OSCE, IOM work with Turkmenistan on establishing Advance Passenger Information system


ASHGABAT (TCA) — The International Organization for Migration (IOM) office in Turkmenistan and the OSCE Centre in Ashgabat organized a workshop from 16 to 17 August on how to set up an Advance Passenger Information (API) system in Turkmenistan. The event was part of wider efforts to prevent the movement of foreign terrorist fighters (FTFs) and enhance aviation security.

An API system is an electronic system through which biographic data from a traveller’s passport and flight details are collected by airlines and transmitted to the relevant national authorities at the border, before the departure or arrival of a specific flight. By checking the data against law enforcement watch lists, such as those of INTERPOL, border officials can know in advance whether FTFs or other suspicious individuals are attempting to enter their country.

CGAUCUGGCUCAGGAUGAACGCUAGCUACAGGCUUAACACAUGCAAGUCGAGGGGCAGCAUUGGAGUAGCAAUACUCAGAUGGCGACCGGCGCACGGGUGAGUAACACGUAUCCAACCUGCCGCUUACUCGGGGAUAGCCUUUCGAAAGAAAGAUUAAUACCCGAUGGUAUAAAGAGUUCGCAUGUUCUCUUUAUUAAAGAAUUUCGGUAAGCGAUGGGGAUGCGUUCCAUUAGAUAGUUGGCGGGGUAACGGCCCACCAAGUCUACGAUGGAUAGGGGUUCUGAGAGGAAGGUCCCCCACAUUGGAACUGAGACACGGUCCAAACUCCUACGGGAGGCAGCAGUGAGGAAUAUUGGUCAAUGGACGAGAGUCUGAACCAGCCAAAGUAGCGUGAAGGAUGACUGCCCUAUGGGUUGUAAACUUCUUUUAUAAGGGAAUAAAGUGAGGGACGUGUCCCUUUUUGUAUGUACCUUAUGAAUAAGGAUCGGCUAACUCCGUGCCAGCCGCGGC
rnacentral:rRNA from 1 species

API data has been increasingly used in recent years by law enforcement agencies and the establishment of national API systems is now mandatory. “The International Civil Aviation Organization (ICAO) has made it a standard and the United Nations Security Council, in its Resolutions 2178 and 2396, has called upon all states, including Turkmenistan, to collect API data,” explained Natasa Rasic, Officer-in-Charge at the OSCE Centre in Ashgabat. “Setting up such a system would greatly contribute to countering terrorism and improving border security in Turkmenistan and Central Asia as a whole.”

15 representatives from all agencies involved in passenger processing in Turkmenistan took part in the event, including the State Migration Service, the State Customs Service, the State Border Service, the Ministry for National Security, the Ministry of Internal Affairs and the General Prosecutor’s Office. The main purpose of the workshop was to provide participants with practical insights about the features and functions of an API system. They also learned about administrative, technological and operational procedures related to implementing and operating a passenger data programme.

Attendees benefited from the presence of border control officers from Hungary and the United States, as well as experts from some of the OSCE’s international partners, like the European Union (EU) and INTERPOL, as well as commercial service providers and representatives from Turkmenistan Airlines.

Sergey Kwan